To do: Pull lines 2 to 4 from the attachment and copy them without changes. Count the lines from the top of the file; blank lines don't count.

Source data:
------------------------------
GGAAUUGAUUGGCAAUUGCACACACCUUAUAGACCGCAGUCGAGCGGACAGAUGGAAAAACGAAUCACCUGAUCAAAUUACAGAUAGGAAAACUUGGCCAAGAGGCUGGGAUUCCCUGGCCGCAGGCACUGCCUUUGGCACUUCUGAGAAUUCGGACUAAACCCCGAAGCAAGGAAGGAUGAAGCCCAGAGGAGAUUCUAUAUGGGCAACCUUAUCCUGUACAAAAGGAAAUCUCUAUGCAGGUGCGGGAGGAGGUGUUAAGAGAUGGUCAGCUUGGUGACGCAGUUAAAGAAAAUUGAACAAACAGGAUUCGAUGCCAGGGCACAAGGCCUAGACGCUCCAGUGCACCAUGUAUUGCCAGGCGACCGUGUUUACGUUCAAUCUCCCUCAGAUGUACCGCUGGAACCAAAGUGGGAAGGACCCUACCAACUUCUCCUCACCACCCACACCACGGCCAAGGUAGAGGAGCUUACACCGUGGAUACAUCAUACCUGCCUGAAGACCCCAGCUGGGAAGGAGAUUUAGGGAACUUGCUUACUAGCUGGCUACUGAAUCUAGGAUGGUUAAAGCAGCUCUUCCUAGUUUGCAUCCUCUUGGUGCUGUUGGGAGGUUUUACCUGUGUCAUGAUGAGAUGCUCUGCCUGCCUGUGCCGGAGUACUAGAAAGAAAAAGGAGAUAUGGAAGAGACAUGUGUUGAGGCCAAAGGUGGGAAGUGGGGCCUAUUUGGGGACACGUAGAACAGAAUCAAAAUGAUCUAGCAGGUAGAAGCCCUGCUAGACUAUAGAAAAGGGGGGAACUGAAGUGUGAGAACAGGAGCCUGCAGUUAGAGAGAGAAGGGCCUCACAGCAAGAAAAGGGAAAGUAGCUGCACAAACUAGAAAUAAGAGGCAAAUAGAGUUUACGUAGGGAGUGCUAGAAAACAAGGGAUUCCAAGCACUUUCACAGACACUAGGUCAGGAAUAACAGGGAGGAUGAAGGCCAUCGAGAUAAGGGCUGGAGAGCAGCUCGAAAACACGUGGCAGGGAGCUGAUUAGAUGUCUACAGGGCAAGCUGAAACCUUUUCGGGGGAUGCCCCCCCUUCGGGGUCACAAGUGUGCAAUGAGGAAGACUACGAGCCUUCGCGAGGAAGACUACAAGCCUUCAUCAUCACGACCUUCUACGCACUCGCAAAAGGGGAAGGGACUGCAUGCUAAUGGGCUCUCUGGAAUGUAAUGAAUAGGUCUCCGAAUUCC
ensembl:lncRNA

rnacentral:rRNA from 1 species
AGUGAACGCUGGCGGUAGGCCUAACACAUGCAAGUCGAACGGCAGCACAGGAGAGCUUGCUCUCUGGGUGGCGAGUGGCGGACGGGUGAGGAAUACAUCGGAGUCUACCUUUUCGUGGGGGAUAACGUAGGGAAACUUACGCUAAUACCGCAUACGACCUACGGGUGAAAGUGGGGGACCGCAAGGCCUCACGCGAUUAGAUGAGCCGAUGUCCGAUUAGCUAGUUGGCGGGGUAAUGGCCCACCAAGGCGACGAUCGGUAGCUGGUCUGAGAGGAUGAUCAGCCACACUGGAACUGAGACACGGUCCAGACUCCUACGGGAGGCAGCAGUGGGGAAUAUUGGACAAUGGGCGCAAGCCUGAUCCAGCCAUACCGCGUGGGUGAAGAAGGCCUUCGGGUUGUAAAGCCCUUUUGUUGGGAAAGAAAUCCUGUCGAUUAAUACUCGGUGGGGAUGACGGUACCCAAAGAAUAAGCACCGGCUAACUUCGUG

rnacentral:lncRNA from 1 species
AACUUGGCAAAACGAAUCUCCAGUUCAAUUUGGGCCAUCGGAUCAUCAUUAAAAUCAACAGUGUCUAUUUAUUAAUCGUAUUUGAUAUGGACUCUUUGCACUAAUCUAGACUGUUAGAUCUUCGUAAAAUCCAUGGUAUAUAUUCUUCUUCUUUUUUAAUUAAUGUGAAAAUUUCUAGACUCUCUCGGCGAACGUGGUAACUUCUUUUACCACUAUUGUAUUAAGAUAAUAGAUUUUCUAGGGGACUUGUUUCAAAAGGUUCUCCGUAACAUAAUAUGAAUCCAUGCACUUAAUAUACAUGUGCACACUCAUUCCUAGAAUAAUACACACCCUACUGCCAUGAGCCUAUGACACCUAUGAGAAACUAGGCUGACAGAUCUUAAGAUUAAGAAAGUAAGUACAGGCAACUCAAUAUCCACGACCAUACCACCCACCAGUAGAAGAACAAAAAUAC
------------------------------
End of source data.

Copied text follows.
ensembl:lncRNA

rnacentral:rRNA from 1 species
AGUGAACGCUGGCGGUAGGCCUAACACAUGCAAGUCGAACGGCAGCACAGGAGAGCUUGCUCUCUGGGUGGCGAGUGGCGGACGGGUGAGGAAUACAUCGGAGUCUACCUUUUCGUGGGGGAUAACGUAGGGAAACUUACGCUAAUACCGCAUACGACCUACGGGUGAAAGUGGGGGACCGCAAGGCCUCACGCGAUUAGAUGAGCCGAUGUCCGAUUAGCUAGUUGGCGGGGUAAUGGCCCACCAAGGCGACGAUCGGUAGCUGGUCUGAGAGGAUGAUCAGCCACACUGGAACUGAGACACGGUCCAGACUCCUACGGGAGGCAGCAGUGGGGAAUAUUGGACAAUGGGCGCAAGCCUGAUCCAGCCAUACCGCGUGGGUGAAGAAGGCCUUCGGGUUGUAAAGCCCUUUUGUUGGGAAAGAAAUCCUGUCGAUUAAUACUCGGUGGGGAUGACGGUACCCAAAGAAUAAGCACCGGCUAACUUCGUG